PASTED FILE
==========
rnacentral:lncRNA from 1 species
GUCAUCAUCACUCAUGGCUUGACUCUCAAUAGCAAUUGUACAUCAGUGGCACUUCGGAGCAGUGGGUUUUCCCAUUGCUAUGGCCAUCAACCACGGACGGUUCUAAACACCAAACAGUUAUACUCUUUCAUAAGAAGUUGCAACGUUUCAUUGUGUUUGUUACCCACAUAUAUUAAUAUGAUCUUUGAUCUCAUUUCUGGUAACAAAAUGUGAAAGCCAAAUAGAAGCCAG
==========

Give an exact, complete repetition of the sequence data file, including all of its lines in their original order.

rnacentral:lncRNA from 1 species
GUCAUCAUCACUCAUGGCUUGACUCUCAAUAGCAAUUGUACAUCAGUGGCACUUCGGAGCAGUGGGUUUUCCCAUUGCUAUGGCCAUCAACCACGGACGGUUCUAAACACCAAACAGUUAUACUCUUUCAUAAGAAGUUGCAACGUUUCAUUGUGUUUGUUACCCACAUAUAUUAAUAUGAUCUUUGAUCUCAUUUCUGGUAACAAAAUGUGAAAGCCAAAUAGAAGCCAG